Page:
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Lake Superior’s history on display at the Great Lakes Shipwreck Museum

Posted on October 23rd, 2019

Lake Superior is known for its unimaginable amount of fresh water, beautiful coast line spanning across three states and a Canadian province, and a wicked temper only rivaled by the lake’s own vast expanse. The Great Lakes Shipwreck Museum offers reflection and education on the “Big Lake’s” fiery temper with exhibits and artifacts.

(The above image links to a 360 degree virtual reality video on YouTube. Use your mouse to move it around or try it out with a smartphone!)

Located at the tip of Whitefish Point roughly 20 minutes north of the turnoff for Tahquamenon Falls State Park is the Great Lakes Shipwreck Museum and its scenic overlooks. You can easily spend an entire day exploring the museum’s numerous buildings learning about the shipwrecks and life-saving devices that were used over the years.

Great Lakes Shipwreck Museum

The main gallery of the museum showcases 13 shipwrecks, but it’s not all doom and gloom. The museum focuses on the human stories of the crews, as well as the circumstances surrounding the shipwrecks. The exhibits also showcase the evolution of the boats and ships to explain why there are fewer shipwrecks in the modern date.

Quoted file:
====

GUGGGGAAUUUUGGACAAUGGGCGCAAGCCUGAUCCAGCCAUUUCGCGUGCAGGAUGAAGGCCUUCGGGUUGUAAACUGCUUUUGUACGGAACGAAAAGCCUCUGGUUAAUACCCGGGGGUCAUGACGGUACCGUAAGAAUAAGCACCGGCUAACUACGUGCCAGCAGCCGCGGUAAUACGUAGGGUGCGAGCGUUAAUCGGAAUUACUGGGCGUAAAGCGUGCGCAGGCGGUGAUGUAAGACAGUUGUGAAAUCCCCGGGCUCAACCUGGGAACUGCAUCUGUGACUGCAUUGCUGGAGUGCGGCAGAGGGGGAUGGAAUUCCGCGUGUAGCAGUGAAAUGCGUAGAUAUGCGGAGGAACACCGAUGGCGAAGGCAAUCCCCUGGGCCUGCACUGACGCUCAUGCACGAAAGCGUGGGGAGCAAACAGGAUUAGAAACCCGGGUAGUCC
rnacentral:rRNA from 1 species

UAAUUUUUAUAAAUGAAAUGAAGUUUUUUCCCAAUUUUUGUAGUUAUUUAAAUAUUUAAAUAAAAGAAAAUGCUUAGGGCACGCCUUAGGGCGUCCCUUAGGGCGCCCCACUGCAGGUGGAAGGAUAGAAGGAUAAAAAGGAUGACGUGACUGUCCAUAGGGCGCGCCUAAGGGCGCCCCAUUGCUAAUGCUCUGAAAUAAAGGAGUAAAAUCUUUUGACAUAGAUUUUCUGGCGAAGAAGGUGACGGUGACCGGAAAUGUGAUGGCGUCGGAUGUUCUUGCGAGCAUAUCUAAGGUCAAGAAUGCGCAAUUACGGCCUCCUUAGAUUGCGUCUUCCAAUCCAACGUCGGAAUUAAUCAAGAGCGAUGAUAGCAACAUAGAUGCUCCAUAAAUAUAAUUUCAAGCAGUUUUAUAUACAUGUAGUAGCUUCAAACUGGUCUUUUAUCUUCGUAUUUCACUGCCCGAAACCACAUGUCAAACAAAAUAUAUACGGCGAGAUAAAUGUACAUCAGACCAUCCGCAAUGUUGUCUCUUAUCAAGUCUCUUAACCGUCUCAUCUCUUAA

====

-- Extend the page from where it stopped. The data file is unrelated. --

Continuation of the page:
Edmund Fitzgerald bell

A 20-minute film is available on the recovery of, Lake Superior’s most famous victim, the SS Edmund Fitzgerald’s ship bell. The film highlights the family connection of the 29 crewmen that perished on the boat on November 10, 1975. You can also see the bell in the Great Lakes Shipwreck Museum’s main gallery.

The Great Lakes Shipwreck Museum

At the heart of the museum is the Whitefish Point Light Station, a lighthouse that was constructed in 1861 at the order of President Abraham Lincoln. An active navigational light for ships has been operated at Whitefish Point since 1848.

Explore the lower level of the lighthouse keeper’s quarters built in 1861 to see how the family of the station lived. The home is set up to represent the way it was remember by Bertha Endress-Rollo. She lived at the lighthouse on-and-off for 21 years.

If you spend a little extra with your museum admission, you can climb the lighthouse tower for a stunning view of Lake Superior. A well-versed staff is available to provide information on the exhibits.

The Great Lakes Shipwreck Museum

The Great Lakes Shipwreck Museum is open from May 1-October 31 and even includes a gift shop. When you visit the museum and take in Lake Superior’s awe-inspiring reach, make sure you post your photos with the hashtag #ILoveTheSoo on  Facebook, Twitter, Pinterest, and Instagram.